Every time we go into a restaurant or an entertainment venue, Douglas ask a question that I absolutely wish to avoid, “Is there a senior discount?” I would rather pay the regular price and not be viewed as an elderly woman, for people start to treat you differently, as though you are right at death’s door. People talk louder and ask if you need help to your seat, like all of a sudden you qualify for AARP and your ability to navigate the world declines.
I do like paying less for meals, but I was shocked to find that in one national chain of pancake houses, paying less also means getting a lot less food. It seems people think that older people need less to eat, and I refuse to go along with it. So, I order the food for the under-55 age groups, so that I can get the full complement of pancakes or whatever I have ordered.
The waitress feels obligated to tell this renegade woman about the 55+ menu, and I assure her that I am well aware of it but that I need more food than what is offered. I want to inspire them to offer cheaper prices but for the same amount of food, as that is the real definition of getting a great deal.
I think that I react to the changes in treatment so fiercely because I don’t feel like I have changed at all. Yes, my hair is gray, but not the inside of my brain! I can still do nearly everything I did before I crossed into Social Security territory. I have always been a little forgetful, so sending myself emails to remember what I have to do at home has been part of my routine for at least twenty years. Yet, now it seems to take on a greater significance to my family and friends, regardless to my denials to the opposite.
It is funny that while Douglas enjoys the perks of senior citizenship, he, too, does not like to be viewed as elderly. He constantly tells people of his escapades, such as kayaking long distances, playing 18 holes of disc golf, or hiking up to 20 miles a day on vacation. He proudly shows off his bruises and scars, as proof that he is not ready to be fitted with a wheelchair.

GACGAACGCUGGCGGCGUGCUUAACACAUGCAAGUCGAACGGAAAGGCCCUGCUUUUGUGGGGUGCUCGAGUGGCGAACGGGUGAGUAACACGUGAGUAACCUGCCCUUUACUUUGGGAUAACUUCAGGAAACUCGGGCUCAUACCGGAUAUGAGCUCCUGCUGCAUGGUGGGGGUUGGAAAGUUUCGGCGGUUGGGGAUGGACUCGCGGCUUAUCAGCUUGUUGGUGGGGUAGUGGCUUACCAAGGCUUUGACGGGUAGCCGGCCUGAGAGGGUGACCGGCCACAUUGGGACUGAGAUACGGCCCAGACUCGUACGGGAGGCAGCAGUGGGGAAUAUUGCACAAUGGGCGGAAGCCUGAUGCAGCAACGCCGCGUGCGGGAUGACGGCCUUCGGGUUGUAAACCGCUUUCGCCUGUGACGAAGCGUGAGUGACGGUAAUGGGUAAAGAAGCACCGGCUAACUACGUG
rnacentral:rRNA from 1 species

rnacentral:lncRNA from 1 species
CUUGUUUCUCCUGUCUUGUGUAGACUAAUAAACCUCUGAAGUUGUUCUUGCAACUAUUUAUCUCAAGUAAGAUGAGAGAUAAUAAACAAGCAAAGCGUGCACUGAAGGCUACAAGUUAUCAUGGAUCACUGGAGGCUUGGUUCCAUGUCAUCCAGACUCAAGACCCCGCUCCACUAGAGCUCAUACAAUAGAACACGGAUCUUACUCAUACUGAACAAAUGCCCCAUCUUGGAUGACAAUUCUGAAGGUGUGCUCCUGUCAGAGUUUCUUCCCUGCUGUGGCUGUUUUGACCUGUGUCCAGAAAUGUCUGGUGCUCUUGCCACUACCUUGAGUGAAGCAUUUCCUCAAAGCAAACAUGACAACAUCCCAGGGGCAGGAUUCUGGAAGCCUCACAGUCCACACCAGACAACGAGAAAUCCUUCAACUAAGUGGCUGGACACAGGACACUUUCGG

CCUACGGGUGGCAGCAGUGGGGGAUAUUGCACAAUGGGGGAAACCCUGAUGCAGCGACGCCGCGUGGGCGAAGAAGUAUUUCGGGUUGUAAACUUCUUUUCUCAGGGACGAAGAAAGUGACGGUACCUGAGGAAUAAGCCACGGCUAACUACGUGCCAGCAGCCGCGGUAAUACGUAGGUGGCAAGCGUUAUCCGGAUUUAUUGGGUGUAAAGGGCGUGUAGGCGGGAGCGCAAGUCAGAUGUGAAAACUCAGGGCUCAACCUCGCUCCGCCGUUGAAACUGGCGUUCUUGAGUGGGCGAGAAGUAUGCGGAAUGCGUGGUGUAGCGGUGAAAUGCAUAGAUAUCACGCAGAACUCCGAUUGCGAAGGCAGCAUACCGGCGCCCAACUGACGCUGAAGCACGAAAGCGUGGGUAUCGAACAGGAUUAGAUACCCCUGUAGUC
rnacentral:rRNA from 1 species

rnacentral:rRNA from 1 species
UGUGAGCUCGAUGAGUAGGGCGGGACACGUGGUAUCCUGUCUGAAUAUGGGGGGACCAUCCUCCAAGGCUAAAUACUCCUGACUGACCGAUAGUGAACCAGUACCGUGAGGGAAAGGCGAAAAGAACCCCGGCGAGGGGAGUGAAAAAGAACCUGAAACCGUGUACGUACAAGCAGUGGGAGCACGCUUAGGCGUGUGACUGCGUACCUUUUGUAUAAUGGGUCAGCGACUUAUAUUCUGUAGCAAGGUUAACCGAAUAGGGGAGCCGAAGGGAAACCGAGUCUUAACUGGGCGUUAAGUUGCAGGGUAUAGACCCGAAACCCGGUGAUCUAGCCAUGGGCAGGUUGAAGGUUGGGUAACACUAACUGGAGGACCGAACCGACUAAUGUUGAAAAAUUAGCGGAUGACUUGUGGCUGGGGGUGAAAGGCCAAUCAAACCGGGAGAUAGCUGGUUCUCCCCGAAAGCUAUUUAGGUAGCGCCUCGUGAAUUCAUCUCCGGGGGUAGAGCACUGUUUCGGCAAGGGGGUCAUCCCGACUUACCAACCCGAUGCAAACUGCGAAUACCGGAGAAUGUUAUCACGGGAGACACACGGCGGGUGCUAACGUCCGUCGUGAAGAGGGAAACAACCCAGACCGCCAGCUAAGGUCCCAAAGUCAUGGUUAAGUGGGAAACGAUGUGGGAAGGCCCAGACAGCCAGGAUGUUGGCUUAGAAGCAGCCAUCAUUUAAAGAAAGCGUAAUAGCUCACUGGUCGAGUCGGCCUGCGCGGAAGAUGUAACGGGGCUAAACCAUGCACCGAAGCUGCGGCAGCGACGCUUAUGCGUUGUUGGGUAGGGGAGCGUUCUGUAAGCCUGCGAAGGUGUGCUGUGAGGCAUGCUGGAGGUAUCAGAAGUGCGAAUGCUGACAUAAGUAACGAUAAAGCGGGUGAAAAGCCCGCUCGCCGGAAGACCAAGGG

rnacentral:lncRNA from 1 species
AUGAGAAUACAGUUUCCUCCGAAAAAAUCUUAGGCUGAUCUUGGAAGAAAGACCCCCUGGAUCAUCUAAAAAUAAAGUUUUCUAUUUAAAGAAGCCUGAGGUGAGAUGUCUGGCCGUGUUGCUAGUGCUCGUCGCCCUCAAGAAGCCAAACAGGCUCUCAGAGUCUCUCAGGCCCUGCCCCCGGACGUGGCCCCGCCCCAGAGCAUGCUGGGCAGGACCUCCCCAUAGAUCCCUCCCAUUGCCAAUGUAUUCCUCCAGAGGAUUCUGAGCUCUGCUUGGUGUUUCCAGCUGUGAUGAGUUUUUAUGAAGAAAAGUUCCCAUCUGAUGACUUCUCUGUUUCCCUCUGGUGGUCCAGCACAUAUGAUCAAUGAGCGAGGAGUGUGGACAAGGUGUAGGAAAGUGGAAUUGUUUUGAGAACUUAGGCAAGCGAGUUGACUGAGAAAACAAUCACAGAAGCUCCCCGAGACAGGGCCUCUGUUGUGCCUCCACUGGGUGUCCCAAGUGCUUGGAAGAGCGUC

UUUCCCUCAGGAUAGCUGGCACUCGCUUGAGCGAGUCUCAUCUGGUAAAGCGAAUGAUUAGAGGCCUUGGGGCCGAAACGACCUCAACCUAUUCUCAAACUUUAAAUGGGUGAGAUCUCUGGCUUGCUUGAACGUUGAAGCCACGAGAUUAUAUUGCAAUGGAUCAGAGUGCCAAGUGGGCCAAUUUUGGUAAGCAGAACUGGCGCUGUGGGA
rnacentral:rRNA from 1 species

Growing older is a blessing from God, and certainly I understand that I am closer to the grave than to the cradle. Yet, I would just like to encourage people to treat everyone according to the ways they act. If I walk in a restaurant, full of vigor and with no visible need for assistance, don’t offer to help me just because you learn that I am over age 60.
I understand why so many elderly men and women dye their hair and try to look as young as possible. They want to continue to be treated as regular human beings. I will not dye my hair, for I have earned every one of my gray hairs throughout this amazing journey that I am awed to still be on. There was a time when elderly people were revered and the fear of aging was none practically existent.
So, let us keep our dignity. Stop raising your voice like I cannot hear and, on the other end of the spectrum, don’t talk down to me like I am a child who cannot understand the basics of life. Listen to your elders and let us teach you some things, for there is nothing new under the sun, just different names for the same activity. I used to laugh at my children using the same old tired excuses for being late that I had used 25 years earlier.
As we are living longer today, with increasing numbers of people living into their 8th and 9th decade, we need to rethink how we view age. I will continue to protest against how older people are viewed and treated. After all, I am a member of the Baby Boomer generation that turned the world upside down in the 1960s and 1970s. We will rewrite what it means to age, refusing to be seen as of lesser value because of a number.